ABAJ: Is that too much?

S: It’s too much for some cases. And it’s up to the lawyer to know when 40 pages is enough. And, as we say in the book, the best lawyer will come in with 40 pages. And the judge will read every one of those 40 pages because he knows this lawyer. And this lawyer will stop when he knows he’s said everything that is worth saying.

But after you get done reading all these briefs and a 40-page reply by the petitioner, you know, it’s a good question: What can you possibly hear in half an hour of oral argument that’s going to make any difference? And the answer is very often you come in on the knife’s edge, quite undecided. And oral argument can turn the corner.

ABAJ: There are several things you put in the book that I find very interesting that lawyers should know to do: Know the standard of review, always ask for rebuttal time, use maxims to drive the argument. Are those failings, and are they deadly failings?

G: They’re fairly common failings. I’ve spoken recently to people while we were working on the book. I’ve talked to some state appellate judges who said that they believe that in 65 percent of the cases, of oral advocates who came before them—I’m talking about state intermediate appellate judges—the advocates did not know precisely what relief they wanted. They didn’t know exactly what they wanted the court to do. They just knew that they wanted to win.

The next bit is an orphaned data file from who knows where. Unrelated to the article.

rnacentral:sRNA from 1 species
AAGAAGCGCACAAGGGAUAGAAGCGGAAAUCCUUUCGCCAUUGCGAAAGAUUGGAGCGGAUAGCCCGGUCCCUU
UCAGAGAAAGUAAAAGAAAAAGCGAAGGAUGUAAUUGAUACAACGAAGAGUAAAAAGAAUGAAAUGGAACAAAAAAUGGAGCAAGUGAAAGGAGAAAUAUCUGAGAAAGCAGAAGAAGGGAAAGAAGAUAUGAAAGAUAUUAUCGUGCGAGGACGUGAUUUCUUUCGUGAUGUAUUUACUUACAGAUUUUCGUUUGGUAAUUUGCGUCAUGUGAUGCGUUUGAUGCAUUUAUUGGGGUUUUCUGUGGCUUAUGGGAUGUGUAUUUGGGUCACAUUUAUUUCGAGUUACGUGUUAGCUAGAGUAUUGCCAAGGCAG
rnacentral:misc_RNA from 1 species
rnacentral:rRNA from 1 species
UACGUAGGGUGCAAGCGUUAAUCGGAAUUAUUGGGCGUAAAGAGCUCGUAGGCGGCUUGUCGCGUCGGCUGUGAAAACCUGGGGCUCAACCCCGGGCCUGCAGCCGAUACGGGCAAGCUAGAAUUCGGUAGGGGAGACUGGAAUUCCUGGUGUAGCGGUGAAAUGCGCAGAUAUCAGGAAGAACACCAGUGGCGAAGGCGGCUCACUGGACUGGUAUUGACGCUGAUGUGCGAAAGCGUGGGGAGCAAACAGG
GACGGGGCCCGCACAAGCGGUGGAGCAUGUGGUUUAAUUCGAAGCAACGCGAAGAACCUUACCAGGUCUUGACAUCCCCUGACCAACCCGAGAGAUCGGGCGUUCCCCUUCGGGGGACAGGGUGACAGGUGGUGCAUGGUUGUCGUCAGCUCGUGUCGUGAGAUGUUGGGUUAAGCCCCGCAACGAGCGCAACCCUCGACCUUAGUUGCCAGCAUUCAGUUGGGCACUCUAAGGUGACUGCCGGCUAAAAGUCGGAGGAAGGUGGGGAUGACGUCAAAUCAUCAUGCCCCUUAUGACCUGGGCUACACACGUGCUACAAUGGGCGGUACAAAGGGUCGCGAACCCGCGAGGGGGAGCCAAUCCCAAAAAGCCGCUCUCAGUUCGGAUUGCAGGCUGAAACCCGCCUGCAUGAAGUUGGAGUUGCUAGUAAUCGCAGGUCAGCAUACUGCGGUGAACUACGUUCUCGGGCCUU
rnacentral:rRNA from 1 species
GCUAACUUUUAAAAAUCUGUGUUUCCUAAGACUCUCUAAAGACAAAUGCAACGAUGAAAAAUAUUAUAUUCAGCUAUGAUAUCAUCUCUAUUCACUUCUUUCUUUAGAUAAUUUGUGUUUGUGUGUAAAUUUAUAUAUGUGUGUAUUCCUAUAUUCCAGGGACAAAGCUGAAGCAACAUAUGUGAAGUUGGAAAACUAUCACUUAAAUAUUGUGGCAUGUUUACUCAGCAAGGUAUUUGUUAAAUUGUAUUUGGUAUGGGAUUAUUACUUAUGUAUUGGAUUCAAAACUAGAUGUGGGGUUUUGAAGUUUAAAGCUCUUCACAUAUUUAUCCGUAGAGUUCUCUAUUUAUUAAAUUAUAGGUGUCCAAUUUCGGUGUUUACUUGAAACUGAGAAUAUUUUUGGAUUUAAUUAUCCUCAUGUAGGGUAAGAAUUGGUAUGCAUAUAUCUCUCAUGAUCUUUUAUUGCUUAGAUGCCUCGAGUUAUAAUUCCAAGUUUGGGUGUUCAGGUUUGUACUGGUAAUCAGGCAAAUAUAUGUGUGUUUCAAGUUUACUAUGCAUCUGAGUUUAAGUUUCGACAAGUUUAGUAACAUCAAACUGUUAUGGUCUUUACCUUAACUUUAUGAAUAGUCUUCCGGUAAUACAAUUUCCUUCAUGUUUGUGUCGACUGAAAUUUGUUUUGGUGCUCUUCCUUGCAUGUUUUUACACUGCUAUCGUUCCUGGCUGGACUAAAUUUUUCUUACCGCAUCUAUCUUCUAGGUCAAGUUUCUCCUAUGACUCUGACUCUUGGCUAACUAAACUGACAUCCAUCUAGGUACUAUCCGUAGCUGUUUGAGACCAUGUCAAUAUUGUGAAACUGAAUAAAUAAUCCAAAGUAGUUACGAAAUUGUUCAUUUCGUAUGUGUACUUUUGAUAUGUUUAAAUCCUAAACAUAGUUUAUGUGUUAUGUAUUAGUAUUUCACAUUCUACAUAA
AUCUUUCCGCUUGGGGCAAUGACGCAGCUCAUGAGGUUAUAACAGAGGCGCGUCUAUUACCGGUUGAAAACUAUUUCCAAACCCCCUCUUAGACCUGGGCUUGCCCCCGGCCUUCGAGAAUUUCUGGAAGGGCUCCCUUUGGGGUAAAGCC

And this is really, wouldn’t you say, Nino, that this is one of the most basic points that any advocate has to know to bring with them to court?

S: Oh, absolutely, absolutely correct. I expect the experience of federal courts is a little more favorable. I mean, that’s part of the problem of trying to address advocacy at every level. I think that particular flaw is probably more common in lower state courts than it is in the federal system. But it exists in the federal system just as well. I wouldn’t say 65 percent of the cases, though.